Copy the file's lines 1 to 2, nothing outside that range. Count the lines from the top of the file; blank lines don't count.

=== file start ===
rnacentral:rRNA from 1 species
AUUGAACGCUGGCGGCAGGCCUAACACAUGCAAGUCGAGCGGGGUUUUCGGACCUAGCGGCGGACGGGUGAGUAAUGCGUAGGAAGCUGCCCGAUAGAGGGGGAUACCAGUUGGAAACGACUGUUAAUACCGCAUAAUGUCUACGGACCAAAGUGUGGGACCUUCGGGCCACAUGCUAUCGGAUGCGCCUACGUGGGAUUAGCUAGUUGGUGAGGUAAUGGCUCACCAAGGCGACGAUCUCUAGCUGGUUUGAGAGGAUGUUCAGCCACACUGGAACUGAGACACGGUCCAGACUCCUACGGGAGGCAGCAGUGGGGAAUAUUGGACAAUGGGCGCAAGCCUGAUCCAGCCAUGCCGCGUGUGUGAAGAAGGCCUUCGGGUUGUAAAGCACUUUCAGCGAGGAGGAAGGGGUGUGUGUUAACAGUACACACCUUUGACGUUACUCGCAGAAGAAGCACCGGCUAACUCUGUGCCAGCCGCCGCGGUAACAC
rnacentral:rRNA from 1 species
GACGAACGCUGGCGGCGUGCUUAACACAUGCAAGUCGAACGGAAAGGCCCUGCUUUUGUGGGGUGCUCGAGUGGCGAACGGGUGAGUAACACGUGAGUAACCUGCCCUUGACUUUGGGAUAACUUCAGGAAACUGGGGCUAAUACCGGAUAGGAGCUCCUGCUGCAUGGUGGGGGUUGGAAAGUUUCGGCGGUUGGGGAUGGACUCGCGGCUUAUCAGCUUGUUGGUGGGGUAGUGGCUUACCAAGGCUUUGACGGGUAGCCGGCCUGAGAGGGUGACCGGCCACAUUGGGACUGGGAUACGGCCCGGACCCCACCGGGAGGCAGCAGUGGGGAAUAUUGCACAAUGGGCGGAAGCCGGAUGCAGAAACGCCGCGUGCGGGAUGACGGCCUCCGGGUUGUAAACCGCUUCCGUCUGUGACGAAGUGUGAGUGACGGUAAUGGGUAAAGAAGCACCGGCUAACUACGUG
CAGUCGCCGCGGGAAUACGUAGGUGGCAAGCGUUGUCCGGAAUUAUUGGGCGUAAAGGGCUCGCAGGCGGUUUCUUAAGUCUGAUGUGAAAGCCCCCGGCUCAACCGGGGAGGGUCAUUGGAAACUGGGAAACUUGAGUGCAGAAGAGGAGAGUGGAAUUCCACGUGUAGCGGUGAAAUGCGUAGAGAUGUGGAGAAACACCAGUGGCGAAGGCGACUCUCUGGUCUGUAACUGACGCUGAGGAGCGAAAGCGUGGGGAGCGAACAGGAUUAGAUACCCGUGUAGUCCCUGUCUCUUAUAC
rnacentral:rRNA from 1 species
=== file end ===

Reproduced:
rnacentral:rRNA from 1 species
AUUGAACGCUGGCGGCAGGCCUAACACAUGCAAGUCGAGCGGGGUUUUCGGACCUAGCGGCGGACGGGUGAGUAAUGCGUAGGAAGCUGCCCGAUAGAGGGGGAUACCAGUUGGAAACGACUGUUAAUACCGCAUAAUGUCUACGGACCAAAGUGUGGGACCUUCGGGCCACAUGCUAUCGGAUGCGCCUACGUGGGAUUAGCUAGUUGGUGAGGUAAUGGCUCACCAAGGCGACGAUCUCUAGCUGGUUUGAGAGGAUGUUCAGCCACACUGGAACUGAGACACGGUCCAGACUCCUACGGGAGGCAGCAGUGGGGAAUAUUGGACAAUGGGCGCAAGCCUGAUCCAGCCAUGCCGCGUGUGUGAAGAAGGCCUUCGGGUUGUAAAGCACUUUCAGCGAGGAGGAAGGGGUGUGUGUUAACAGUACACACCUUUGACGUUACUCGCAGAAGAAGCACCGGCUAACUCUGUGCCAGCCGCCGCGGUAACAC